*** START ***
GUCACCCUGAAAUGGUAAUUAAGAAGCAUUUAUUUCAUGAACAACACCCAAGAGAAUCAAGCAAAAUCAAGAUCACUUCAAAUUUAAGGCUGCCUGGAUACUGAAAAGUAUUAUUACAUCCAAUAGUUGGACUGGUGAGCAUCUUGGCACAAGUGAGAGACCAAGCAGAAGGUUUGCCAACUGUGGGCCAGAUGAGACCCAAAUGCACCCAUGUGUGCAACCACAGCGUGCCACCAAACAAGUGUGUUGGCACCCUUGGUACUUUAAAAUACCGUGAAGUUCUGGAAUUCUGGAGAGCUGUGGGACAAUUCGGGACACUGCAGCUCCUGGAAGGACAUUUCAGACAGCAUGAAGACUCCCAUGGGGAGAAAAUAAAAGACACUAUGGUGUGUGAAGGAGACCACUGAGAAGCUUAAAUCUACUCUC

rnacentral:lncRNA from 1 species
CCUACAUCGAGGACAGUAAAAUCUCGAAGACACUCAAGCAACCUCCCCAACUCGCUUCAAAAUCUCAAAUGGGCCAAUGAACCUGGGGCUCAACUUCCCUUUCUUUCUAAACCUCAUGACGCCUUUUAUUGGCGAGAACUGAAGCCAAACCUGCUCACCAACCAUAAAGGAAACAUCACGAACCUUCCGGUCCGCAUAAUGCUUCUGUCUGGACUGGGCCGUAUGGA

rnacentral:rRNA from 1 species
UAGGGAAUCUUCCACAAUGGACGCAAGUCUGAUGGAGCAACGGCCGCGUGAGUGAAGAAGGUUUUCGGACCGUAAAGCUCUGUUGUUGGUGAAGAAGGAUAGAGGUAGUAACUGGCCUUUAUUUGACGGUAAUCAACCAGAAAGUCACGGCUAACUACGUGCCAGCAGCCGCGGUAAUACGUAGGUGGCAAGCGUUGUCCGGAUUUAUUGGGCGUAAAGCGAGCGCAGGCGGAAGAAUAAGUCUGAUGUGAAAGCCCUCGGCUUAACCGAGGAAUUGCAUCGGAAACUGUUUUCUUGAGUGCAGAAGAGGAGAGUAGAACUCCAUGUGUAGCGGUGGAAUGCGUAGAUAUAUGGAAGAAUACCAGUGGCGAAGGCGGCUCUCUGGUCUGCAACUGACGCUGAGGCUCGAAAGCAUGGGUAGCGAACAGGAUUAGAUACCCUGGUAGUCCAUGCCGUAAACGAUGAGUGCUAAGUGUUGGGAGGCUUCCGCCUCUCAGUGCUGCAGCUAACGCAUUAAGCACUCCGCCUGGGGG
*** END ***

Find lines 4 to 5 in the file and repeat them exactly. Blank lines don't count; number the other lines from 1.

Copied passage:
rnacentral:rRNA from 1 species
UAGGGAAUCUUCCACAAUGGACGCAAGUCUGAUGGAGCAACGGCCGCGUGAGUGAAGAAGGUUUUCGGACCGUAAAGCUCUGUUGUUGGUGAAGAAGGAUAGAGGUAGUAACUGGCCUUUAUUUGACGGUAAUCAACCAGAAAGUCACGGCUAACUACGUGCCAGCAGCCGCGGUAAUACGUAGGUGGCAAGCGUUGUCCGGAUUUAUUGGGCGUAAAGCGAGCGCAGGCGGAAGAAUAAGUCUGAUGUGAAAGCCCUCGGCUUAACCGAGGAAUUGCAUCGGAAACUGUUUUCUUGAGUGCAGAAGAGGAGAGUAGAACUCCAUGUGUAGCGGUGGAAUGCGUAGAUAUAUGGAAGAAUACCAGUGGCGAAGGCGGCUCUCUGGUCUGCAACUGACGCUGAGGCUCGAAAGCAUGGGUAGCGAACAGGAUUAGAUACCCUGGUAGUCCAUGCCGUAAACGAUGAGUGCUAAGUGUUGGGAGGCUUCCGCCUCUCAGUGCUGCAGCUAACGCAUUAAGCACUCCGCCUGGGGG